Portraits of Quality Arts Education in Australian Primary School Classrooms
MetadataShow full item record
The status of arts education in primary schools is, according to the extant literature and popular commentary, infrequent and substandard. A small number of studies reflect on what actually occurs when arts education is taught in primary school classrooms. This thesis presents thick, rich, descriptive portraits of the nature of quality arts education occurring in Australian primary school classrooms. Two case sites were involved in this study – one primary school in Victoria, one in Queensland. Working within the interpretivist paradigm, portraiture methodology was employed, supported by a case-study approach. Crystallization was used as a methodological referent to ensure the validity and reliability of data collection and representation. The nine domains of Bamford and Glinkowski’s (2010) Effect and Impact Tracking Matrix (EITM) acted as a scaffold to inform instrument development, data collection, and subsequent data organisation of completed portraits of quality arts education in Australian primary school classrooms. Arts education was found to be happening in the primary school classrooms involved in this study, within generalist as well as specialist classrooms. It was asserted that the nature of quality arts education needs to be defined broadly. Such a broad definition is presented.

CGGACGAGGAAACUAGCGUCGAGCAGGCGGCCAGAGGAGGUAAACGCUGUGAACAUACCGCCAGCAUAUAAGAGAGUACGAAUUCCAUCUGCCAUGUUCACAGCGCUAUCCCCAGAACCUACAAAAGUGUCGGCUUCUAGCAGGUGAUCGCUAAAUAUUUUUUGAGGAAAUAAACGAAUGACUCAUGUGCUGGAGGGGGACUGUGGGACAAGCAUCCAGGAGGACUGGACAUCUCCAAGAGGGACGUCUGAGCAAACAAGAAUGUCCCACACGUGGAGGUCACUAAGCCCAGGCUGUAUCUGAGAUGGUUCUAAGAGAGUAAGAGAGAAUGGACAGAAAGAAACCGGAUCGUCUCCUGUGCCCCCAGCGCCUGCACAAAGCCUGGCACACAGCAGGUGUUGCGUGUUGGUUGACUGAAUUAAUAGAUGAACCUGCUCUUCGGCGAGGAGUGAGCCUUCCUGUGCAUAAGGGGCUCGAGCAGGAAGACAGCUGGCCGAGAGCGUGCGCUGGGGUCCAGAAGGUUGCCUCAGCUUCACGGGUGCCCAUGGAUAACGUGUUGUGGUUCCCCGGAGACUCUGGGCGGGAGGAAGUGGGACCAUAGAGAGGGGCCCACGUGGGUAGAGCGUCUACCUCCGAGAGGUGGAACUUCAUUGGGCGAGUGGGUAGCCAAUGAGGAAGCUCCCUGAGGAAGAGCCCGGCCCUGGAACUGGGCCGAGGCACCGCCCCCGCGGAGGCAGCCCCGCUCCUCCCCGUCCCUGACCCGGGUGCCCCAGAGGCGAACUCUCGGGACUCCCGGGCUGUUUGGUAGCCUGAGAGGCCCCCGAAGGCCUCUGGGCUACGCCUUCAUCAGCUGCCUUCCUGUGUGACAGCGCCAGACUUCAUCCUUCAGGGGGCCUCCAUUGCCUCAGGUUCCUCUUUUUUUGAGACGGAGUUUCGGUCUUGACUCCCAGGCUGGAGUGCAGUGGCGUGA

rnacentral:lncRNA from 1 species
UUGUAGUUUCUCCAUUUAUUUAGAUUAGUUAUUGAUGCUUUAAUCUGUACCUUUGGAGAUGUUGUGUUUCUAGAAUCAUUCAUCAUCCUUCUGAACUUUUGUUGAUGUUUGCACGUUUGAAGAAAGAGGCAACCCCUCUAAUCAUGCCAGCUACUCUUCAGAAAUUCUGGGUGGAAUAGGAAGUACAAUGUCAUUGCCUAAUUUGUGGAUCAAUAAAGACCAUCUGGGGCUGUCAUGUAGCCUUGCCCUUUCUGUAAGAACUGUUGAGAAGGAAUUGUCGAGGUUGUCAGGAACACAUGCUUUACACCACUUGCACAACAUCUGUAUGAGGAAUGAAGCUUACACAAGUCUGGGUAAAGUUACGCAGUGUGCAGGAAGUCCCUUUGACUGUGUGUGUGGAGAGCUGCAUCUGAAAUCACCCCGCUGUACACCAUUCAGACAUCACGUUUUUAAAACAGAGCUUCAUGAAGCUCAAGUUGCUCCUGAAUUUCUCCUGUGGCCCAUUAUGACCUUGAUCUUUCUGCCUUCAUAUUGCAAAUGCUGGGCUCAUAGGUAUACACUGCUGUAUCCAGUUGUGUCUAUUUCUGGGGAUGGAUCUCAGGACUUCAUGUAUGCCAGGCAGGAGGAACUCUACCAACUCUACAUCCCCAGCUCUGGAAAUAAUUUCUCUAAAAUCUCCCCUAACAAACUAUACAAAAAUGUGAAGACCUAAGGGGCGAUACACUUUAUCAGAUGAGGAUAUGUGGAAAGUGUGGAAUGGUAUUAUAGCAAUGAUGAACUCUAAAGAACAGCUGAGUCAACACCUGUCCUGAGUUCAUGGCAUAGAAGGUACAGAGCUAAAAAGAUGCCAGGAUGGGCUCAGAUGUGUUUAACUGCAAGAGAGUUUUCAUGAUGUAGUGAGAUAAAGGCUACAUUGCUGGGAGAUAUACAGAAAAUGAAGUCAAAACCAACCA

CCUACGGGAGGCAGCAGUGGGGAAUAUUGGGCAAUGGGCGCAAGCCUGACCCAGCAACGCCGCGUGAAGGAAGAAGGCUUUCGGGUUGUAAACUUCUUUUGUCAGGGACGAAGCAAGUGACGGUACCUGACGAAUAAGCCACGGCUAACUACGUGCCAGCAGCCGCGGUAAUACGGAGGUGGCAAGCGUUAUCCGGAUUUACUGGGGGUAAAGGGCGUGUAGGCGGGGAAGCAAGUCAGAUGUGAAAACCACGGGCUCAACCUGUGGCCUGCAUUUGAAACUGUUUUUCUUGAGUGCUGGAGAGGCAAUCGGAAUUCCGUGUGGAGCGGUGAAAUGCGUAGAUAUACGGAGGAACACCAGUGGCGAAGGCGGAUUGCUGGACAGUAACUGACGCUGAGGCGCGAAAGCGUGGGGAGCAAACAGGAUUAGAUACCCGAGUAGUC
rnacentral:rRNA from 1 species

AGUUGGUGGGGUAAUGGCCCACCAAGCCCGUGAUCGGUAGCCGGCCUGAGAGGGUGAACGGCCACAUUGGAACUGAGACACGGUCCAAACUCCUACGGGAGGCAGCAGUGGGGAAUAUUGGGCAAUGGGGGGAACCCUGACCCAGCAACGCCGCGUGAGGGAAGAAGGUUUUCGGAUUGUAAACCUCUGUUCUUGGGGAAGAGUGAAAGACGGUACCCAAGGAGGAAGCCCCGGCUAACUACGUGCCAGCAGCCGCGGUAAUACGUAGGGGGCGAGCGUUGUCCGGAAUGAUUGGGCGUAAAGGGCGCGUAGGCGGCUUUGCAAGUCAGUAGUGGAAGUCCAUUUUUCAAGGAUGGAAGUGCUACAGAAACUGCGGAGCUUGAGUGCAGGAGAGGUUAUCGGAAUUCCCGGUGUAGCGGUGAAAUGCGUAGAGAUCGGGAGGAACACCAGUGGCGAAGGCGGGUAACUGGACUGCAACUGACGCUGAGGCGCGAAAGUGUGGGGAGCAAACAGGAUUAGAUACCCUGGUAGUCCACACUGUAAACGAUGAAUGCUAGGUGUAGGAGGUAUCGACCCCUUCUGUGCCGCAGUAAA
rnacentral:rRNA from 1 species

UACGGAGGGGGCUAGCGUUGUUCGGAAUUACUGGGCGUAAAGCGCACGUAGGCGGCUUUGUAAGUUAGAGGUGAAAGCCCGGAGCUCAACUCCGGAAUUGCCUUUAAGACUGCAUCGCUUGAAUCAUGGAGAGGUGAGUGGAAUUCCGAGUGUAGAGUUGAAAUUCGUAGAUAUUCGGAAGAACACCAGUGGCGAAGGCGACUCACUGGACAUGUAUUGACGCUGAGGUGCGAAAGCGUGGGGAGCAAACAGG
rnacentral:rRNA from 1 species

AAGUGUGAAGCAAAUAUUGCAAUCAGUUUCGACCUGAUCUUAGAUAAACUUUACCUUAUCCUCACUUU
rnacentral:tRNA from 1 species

Thesis (PhD Doctorate)
Doctor of Philosophy (PhD)
School of Education and Professional Studies
Item Access Status
Primary school education in arts